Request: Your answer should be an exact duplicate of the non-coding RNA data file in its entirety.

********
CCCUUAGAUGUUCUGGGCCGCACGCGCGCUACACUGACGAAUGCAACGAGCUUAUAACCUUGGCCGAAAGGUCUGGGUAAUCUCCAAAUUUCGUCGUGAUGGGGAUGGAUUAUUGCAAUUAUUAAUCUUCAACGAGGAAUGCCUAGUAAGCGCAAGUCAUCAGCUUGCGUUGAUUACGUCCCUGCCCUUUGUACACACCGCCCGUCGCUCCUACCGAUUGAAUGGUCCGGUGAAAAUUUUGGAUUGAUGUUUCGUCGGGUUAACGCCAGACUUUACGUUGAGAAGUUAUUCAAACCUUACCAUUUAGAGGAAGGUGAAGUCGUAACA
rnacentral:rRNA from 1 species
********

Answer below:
CCCUUAGAUGUUCUGGGCCGCACGCGCGCUACACUGACGAAUGCAACGAGCUUAUAACCUUGGCCGAAAGGUCUGGGUAAUCUCCAAAUUUCGUCGUGAUGGGGAUGGAUUAUUGCAAUUAUUAAUCUUCAACGAGGAAUGCCUAGUAAGCGCAAGUCAUCAGCUUGCGUUGAUUACGUCCCUGCCCUUUGUACACACCGCCCGUCGCUCCUACCGAUUGAAUGGUCCGGUGAAAAUUUUGGAUUGAUGUUUCGUCGGGUUAACGCCAGACUUUACGUUGAGAAGUUAUUCAAACCUUACCAUUUAGAGGAAGGUGAAGUCGUAACA
rnacentral:rRNA from 1 species